We've often heard and experienced how dramatic teen dating can be from the mood swings to slipping of grades and outright rebellion to be with one another. The child you knew to be a model of good behavior suddenly goes in the opposite direction when you give the go-ahead for dating. As a relationship expert and coach, here are my suggestions for preparing your teen for positive dating experiences.
- Teach Good Dating Habits. The best assurance your teen will develop positive dating habits is to model good relationship behavior through your marriage on a daily basis. When your teen can see a concrete example of how a couple resolves conflicts, practices forgiveness when feelings are hurt, treats each other with mutual love, respect and care, trusts each other, has a solid friendship and displays affection and love toward each other, you will imprint in their mind the necessary qualities and characteristics of a good relationship.
What you show at home will be their norm in love and dating and the type of relationship they will naturally gravitate toward. I encourage parents to evaluate their relationship and work through their barriers to love, sothat teens can attract emotionally healthy individuals to date. You can verbally share all these qualities and characteristics, but it is your example that speaks the loudest and has the greatest influence.
- Pay Attention To Red Flags. During these first dating experiences, teens should be mindful of anyone who is jealous of the time your teen spends away from the relationship, isolating them from the people and things they love. It is important that parents clearly communicate the need for maintaining friendships, school work, family time, outside activities and pursuits the teen had before this relationship.
Dating is a privilege, not a must-have, regardless of what their friends are doing. Ideally, parents should communicate the need for balance in all these life realms and point out that dating is an addition to the foundation of their life, it is not a replacement for what they have already established.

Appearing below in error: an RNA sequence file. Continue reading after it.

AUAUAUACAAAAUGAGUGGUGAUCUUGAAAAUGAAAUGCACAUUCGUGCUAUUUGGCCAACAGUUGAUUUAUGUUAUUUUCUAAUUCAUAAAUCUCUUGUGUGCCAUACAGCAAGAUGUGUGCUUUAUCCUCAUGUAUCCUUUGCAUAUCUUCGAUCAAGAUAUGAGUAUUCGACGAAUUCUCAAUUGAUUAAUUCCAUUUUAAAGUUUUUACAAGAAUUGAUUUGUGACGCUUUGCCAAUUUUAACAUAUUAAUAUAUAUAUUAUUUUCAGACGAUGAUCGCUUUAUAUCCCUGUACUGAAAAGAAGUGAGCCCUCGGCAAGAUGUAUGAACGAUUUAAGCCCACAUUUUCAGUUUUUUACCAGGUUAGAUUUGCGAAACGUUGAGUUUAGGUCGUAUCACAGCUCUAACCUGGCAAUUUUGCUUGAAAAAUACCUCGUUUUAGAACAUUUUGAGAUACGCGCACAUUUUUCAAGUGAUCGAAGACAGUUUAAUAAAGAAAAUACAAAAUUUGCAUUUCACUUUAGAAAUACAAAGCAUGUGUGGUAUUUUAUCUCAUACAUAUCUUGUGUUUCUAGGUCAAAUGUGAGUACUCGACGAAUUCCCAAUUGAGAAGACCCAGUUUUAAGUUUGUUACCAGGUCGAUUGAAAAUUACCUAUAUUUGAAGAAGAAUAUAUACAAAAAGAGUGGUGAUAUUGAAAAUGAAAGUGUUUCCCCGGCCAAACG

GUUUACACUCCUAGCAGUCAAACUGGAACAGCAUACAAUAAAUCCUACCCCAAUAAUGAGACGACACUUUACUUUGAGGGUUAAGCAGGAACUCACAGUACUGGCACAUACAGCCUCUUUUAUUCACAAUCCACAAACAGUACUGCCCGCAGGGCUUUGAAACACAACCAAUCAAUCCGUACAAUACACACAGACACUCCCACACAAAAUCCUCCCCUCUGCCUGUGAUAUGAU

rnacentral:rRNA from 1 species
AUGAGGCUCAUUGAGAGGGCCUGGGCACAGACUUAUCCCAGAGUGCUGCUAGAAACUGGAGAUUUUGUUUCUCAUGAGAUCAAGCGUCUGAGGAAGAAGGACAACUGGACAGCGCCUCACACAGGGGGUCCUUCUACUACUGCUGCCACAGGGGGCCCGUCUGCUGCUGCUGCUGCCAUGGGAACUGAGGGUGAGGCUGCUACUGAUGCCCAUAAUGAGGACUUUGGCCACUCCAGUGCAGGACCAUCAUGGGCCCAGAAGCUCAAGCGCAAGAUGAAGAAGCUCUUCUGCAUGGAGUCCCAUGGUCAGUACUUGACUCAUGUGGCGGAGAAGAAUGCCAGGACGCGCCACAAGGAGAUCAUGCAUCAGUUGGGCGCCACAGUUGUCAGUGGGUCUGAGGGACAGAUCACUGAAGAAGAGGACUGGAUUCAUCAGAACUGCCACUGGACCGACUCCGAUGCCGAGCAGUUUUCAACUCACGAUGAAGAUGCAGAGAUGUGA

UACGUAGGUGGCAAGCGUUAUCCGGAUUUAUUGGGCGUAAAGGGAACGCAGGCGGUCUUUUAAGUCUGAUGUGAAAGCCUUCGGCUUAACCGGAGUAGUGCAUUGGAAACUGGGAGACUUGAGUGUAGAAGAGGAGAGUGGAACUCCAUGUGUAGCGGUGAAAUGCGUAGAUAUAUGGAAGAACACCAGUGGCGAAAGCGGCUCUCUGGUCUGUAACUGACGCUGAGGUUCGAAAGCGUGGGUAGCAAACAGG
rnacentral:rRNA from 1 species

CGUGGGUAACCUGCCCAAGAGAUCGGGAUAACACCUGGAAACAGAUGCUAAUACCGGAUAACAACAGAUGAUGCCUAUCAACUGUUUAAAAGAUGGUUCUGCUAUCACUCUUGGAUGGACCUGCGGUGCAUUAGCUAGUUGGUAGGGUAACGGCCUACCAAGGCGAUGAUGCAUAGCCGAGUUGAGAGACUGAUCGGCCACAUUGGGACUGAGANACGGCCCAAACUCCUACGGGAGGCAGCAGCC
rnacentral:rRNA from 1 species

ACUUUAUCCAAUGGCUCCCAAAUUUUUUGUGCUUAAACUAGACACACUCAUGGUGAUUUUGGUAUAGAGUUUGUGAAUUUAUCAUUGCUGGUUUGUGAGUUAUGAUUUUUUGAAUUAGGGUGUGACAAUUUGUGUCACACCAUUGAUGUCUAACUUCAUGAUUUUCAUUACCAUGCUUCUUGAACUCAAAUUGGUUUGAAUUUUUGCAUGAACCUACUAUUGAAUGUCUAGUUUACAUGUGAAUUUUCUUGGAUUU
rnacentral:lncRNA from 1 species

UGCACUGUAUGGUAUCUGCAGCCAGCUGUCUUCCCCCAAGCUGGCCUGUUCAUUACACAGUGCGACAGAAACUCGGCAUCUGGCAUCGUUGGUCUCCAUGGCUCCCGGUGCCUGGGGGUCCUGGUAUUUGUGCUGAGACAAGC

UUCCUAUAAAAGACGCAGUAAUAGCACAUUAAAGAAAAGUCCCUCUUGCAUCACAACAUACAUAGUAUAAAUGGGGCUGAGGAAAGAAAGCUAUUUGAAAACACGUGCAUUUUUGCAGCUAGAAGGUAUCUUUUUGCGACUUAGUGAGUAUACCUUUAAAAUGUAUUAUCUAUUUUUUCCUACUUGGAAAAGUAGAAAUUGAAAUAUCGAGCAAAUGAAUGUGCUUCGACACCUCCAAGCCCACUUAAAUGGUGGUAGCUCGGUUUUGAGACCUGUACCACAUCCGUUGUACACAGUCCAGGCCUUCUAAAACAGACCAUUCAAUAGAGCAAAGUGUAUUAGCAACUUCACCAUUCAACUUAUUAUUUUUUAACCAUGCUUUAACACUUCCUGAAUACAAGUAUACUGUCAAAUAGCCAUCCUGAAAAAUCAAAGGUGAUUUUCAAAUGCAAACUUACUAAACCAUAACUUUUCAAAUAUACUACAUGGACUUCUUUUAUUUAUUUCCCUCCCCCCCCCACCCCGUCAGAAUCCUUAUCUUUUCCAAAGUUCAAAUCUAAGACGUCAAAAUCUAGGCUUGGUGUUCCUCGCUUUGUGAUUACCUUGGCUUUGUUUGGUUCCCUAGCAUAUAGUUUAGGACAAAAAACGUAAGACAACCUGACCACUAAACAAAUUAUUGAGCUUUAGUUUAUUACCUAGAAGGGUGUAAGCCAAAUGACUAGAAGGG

If you can teach proper life balance, it is a tool your teen can take with them during college and beyond. It is also important to encourage your teen to listen to their intuition and feel comfortable coming to you when something does not feel right. Many times it is very easy to rationalize away negativity and bad dating behavior and even take the blame.
Talking over these challenges allows a teen to understand if the warning signs they sense are valid and steps to take from that point forward. Many teens believe loyalty in love means they must give up everything and devote themselves completely to the other person. Losing their identity in a relationship and looking for that to be the source of their emotional validation will lead to very poor patterns.
- Monitor The Relationship. To better insure your teen has positive dating experiences, parents should oversee texting and social media habits. Explain that it is not a trust issue, but it is a way to mentor and guide them toward interacting well with each other. As much as teens believe they know everything about everything, it is vital to stay a little more in their business with these new relationships so they learn how to maintain proper perspective, enjoying dating but also staying connected with the life they have already built. When these first loves end, it will be less likely your teen will feel hopeless and depressed when you take the time to offer your guidance and direction.
Nancy Pina is a highly recognized author, relationship coach and speaker. She is dedicated to helping individuals attract emotionally healthy relationships through her practical, Christian-based advice. Visit her website at rightrelationshipstv.com for coaching options and recent books. Subscribe to her free report, Is He The Right One or schedule a your coaching session with Nancy.
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